Sunday, November 15, 2009

Strange seeds

Anyone taking any literature classes that are expanding your writing in surprising ways?

I've been taking an Old English literature and translation class, and while the history/culture is fascinating, as are the crazy old poems, I've mostly been affected by this new way of looking at sentence structure, grammar laws and--really cool (I'm a dork)--word compounding. How strange where some words have come from, and how easy it is to make fabulous new meanings just by putting words together. Contemporary poet Chelsey Minnis does this, actually in one poem, with the fabulous "cry-hustling" (awesome poem, by the way, out of "Poemland." Thanks to Karie B. for bringing it in to share with the workshop).

It's a fun exercise, and can be applied easily (my decoy-heart being a contemporary one, grief-before-dawn being an Old English one).

Anyway, fun with language!

What kind of weird academic things have been affecting your writing, folks?


  1. This is a great topic. My non-workshop class is a film class, and I do think there has been some cross over in my work. I am trying to play with sequence and editing in weird ways, cutting together fragments almost like a montage. Well, in a few poems anyway. I have been reading D.A. Powell lately who has a similarly driven aesthetic in some of his books.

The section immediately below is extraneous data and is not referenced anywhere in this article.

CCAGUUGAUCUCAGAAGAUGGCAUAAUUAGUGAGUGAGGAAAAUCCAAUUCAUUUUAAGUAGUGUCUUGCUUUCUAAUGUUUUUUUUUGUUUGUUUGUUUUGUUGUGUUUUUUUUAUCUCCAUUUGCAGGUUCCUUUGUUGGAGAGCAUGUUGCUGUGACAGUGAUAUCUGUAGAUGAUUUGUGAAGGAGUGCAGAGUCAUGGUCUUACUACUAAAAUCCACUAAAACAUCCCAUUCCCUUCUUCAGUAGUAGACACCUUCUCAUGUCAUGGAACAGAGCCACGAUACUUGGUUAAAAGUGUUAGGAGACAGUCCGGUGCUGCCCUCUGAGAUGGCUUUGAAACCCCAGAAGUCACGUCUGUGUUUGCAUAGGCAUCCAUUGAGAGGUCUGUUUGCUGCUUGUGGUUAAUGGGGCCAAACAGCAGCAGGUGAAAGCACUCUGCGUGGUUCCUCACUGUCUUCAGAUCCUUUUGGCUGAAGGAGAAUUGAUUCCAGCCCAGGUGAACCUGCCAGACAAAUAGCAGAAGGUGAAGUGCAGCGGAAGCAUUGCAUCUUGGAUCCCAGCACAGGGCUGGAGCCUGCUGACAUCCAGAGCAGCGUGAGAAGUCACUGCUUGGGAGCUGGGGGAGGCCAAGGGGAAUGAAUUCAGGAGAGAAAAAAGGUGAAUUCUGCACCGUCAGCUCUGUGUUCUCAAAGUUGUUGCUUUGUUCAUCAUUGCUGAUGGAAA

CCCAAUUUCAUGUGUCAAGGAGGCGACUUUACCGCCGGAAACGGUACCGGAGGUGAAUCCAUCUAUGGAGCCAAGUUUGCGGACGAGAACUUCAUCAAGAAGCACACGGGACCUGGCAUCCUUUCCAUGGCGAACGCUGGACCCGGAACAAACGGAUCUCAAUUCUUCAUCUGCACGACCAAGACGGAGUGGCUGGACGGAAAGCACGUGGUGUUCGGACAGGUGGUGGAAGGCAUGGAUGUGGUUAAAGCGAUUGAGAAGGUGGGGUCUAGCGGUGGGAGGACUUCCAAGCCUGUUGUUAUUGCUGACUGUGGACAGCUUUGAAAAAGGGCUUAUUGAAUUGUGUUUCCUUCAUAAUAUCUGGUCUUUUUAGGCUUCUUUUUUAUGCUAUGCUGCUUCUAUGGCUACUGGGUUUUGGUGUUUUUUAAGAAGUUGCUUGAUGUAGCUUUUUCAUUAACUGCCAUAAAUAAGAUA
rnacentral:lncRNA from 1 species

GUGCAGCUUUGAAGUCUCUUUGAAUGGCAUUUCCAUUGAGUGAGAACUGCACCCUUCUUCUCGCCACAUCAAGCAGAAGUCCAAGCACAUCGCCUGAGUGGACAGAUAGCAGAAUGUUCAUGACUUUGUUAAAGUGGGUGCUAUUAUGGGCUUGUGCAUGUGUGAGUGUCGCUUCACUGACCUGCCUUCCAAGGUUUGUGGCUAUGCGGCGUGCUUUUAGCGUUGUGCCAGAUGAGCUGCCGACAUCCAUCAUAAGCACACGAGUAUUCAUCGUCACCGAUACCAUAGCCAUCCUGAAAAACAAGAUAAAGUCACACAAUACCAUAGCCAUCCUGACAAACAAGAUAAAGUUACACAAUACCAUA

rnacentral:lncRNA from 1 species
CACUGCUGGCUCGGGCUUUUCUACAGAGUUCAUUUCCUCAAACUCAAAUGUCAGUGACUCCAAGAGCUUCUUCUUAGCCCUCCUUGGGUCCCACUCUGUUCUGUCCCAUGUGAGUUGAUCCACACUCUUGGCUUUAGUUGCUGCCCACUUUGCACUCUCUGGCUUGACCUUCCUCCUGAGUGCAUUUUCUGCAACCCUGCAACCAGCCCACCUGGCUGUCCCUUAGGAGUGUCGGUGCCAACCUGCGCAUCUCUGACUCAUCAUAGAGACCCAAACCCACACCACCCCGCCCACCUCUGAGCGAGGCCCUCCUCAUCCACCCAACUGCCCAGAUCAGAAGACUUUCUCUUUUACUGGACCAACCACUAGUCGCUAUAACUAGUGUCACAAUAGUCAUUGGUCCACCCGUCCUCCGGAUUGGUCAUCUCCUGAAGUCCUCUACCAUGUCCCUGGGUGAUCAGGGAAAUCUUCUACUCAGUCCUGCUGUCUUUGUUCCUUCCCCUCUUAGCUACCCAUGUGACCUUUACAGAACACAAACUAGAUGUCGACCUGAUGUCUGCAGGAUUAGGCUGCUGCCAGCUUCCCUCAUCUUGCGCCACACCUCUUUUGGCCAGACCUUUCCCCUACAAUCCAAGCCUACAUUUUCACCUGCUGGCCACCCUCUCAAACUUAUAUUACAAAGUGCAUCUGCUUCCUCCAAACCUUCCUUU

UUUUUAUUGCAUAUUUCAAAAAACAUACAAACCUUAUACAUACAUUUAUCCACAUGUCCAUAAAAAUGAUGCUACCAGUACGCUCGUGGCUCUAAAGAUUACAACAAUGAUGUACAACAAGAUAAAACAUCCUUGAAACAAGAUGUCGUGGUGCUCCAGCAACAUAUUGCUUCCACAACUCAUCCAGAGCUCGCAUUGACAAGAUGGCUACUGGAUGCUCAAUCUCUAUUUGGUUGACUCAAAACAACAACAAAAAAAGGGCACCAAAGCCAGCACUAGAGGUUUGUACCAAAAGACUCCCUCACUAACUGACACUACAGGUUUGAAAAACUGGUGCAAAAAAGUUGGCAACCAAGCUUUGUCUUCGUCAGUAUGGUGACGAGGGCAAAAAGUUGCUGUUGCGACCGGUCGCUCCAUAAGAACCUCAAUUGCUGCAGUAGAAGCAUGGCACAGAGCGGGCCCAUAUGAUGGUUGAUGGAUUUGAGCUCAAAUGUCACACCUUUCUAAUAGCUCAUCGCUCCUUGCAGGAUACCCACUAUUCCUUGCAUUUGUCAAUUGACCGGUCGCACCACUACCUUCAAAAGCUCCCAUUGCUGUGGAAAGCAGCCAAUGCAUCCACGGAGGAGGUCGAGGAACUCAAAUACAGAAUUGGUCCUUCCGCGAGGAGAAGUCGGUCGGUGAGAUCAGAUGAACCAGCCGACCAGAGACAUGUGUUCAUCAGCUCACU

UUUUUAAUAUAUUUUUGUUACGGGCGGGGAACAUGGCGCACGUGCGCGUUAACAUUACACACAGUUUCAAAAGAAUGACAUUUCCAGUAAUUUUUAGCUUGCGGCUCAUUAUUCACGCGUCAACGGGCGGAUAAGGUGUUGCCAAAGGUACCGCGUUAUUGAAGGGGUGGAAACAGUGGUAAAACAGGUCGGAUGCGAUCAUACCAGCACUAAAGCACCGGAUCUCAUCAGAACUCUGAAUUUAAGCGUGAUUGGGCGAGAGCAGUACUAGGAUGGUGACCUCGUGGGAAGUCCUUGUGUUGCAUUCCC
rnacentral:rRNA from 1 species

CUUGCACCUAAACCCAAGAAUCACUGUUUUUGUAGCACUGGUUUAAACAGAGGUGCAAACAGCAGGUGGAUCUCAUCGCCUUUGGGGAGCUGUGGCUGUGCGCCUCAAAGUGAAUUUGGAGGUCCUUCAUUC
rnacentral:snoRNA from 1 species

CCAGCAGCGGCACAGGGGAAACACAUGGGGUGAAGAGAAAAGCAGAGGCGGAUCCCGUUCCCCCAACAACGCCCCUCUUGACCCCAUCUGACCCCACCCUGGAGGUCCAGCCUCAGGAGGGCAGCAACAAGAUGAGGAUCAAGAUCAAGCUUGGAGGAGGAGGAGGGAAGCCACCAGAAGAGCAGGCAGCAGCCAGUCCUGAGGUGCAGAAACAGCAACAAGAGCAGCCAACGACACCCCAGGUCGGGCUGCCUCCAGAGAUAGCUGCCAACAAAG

Those compounding words you are talking about are called kennings right? My favorite is whale-road from Beowulf. On a somewhat related note Josh, one of my fellow first years is taking Old English and...hating it! Hahaha. Glad to know there's a living poet out there not suffering, but enjoying, such a class!

  2. I took a lit journal editing class as my one elective so I am only commenting here to say that I am jealous! lol

  3. makes me want to go back and read some chaucer :)

  4. Jessie, I know!

    JayTee, I'm sure you've got interesting stuff lined up for next semester. What are you taking as your next elective?

    Tory, the film class sounds interesting, especially with D.A. Powell's work enacting that kind of movement. And I don't think I've heard anyone use the word montage when describing movement in a poem, yet I feel like I should have. Cool stuff.

    But yeah, kennings are pretty tight (whale-road being an excellent example). That's too bad about your roommate (although yes, also funny). He probably has a bad instructor for OE--I think most language/literature/translation classes are so weird and niche that the teacher becomes central to its success/enjoyability.


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